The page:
SBCTC Releases Newly-Produced Video on Prevailing Wage: “Right the First Time”

November 15, 2012 - The State Building Trades Council is proud to announce its latest video production, Right the First Time, is available on the web. This video shows how paying prevailing wages supports our cities, counties and the California economy by ensuring a trained and ready workforce that gets the job done right the first time.

The video highlights the story of library projects in Gilroy and Palo Alto.  Gilroy paid prevailing wage and its project was on-time and under budget.  Palo Alto did not pay prevailing wage, had numerous problems and the project has been delayed by at least a year.

We also hear from:

Malcolm Dougherty, Director of CalTrans, says his agency — and California’s driving public — relies on the trained workforce to complete complicated bridge and highway projects in short windows of time.  “This is not a time to be training people. That’s why we pay the prevailing wage.”

Long Beach Mayor Bob Foster,who presides over a charter city that does not need to pay prevailing wages, says his city does because the wages enable local workers to have good careers and the work is done right.  “That building is going to be there for 60, 70, 80 maybe 90 years, and you want to make sure it performs the way you designed it. You do that by having the people who build it be highly skilled. That’s what prevailing wage does.”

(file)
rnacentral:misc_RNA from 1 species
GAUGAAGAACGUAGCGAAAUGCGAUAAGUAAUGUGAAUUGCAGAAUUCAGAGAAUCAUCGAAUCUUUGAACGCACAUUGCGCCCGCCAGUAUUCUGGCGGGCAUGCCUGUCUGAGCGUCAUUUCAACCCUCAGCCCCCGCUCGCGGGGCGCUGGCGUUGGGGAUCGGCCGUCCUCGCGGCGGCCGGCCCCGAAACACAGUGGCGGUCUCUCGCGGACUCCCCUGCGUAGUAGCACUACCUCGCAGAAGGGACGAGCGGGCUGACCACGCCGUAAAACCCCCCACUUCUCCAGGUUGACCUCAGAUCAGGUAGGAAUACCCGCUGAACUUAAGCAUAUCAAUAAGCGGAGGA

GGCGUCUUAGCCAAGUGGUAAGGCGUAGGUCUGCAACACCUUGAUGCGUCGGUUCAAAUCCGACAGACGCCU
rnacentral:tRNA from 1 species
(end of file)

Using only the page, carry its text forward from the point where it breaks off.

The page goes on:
Contractors Gary Janco ofCC Myers, Inc. andCindy McMackin ofPan Pacific Plumbing and Mechanical, both leaders of large and highly-reputable companies, say that paying the prevailing wage enables them to hire the best-trained and motivated workforce, and that they won’t even bid on non-prevailing wage jobs.

University of Colorado economist Kevin Duncan conducted the Gilroy/Palo Alto study and has studied the impact of the prevailing wage across the nation.  “When a city decides to build a public works project, a prevailing wage law will help keep more of that local tax money in the area and the jobs that are associated with that public works project in the area as well. That’s the genius of the prevailing wage.”

Over the past few years, anti-union forces have been encouraging cities across California to seek to become “charter cities” so that they are no longer required to pay prevailing wages. This 10-minute video illustrates why that move harms local economies while it all too often results in shoddy and/or delayed products.

To watch the video, click here. For DVDs or more information, call 916-443-3302.


Print this Page